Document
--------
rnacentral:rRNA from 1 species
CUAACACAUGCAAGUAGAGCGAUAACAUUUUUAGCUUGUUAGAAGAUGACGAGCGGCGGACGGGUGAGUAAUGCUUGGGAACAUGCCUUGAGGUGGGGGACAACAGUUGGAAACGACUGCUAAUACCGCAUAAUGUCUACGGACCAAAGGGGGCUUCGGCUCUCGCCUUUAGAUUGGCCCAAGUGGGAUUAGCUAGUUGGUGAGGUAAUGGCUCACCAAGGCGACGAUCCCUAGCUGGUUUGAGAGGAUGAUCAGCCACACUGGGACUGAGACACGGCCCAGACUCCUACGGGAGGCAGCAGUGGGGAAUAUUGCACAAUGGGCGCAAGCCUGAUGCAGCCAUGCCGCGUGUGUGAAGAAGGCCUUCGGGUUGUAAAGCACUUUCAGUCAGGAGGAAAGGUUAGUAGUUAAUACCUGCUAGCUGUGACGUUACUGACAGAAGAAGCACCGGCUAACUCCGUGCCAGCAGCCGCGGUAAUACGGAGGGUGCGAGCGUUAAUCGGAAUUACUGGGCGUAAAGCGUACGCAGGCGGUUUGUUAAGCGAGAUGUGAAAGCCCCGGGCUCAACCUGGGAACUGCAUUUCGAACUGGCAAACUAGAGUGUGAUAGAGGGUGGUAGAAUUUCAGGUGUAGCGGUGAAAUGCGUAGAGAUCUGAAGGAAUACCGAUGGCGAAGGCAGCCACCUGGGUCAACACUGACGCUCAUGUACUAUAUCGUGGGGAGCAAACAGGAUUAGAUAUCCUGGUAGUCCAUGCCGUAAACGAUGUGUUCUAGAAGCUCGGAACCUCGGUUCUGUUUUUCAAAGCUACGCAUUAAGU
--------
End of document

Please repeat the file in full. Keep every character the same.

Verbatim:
rnacentral:rRNA from 1 species
CUAACACAUGCAAGUAGAGCGAUAACAUUUUUAGCUUGUUAGAAGAUGACGAGCGGCGGACGGGUGAGUAAUGCUUGGGAACAUGCCUUGAGGUGGGGGACAACAGUUGGAAACGACUGCUAAUACCGCAUAAUGUCUACGGACCAAAGGGGGCUUCGGCUCUCGCCUUUAGAUUGGCCCAAGUGGGAUUAGCUAGUUGGUGAGGUAAUGGCUCACCAAGGCGACGAUCCCUAGCUGGUUUGAGAGGAUGAUCAGCCACACUGGGACUGAGACACGGCCCAGACUCCUACGGGAGGCAGCAGUGGGGAAUAUUGCACAAUGGGCGCAAGCCUGAUGCAGCCAUGCCGCGUGUGUGAAGAAGGCCUUCGGGUUGUAAAGCACUUUCAGUCAGGAGGAAAGGUUAGUAGUUAAUACCUGCUAGCUGUGACGUUACUGACAGAAGAAGCACCGGCUAACUCCGUGCCAGCAGCCGCGGUAAUACGGAGGGUGCGAGCGUUAAUCGGAAUUACUGGGCGUAAAGCGUACGCAGGCGGUUUGUUAAGCGAGAUGUGAAAGCCCCGGGCUCAACCUGGGAACUGCAUUUCGAACUGGCAAACUAGAGUGUGAUAGAGGGUGGUAGAAUUUCAGGUGUAGCGGUGAAAUGCGUAGAGAUCUGAAGGAAUACCGAUGGCGAAGGCAGCCACCUGGGUCAACACUGACGCUCAUGUACUAUAUCGUGGGGAGCAAACAGGAUUAGAUAUCCUGGUAGUCCAUGCCGUAAACGAUGUGUUCUAGAAGCUCGGAACCUCGGUUCUGUUUUUCAAAGCUACGCAUUAAGU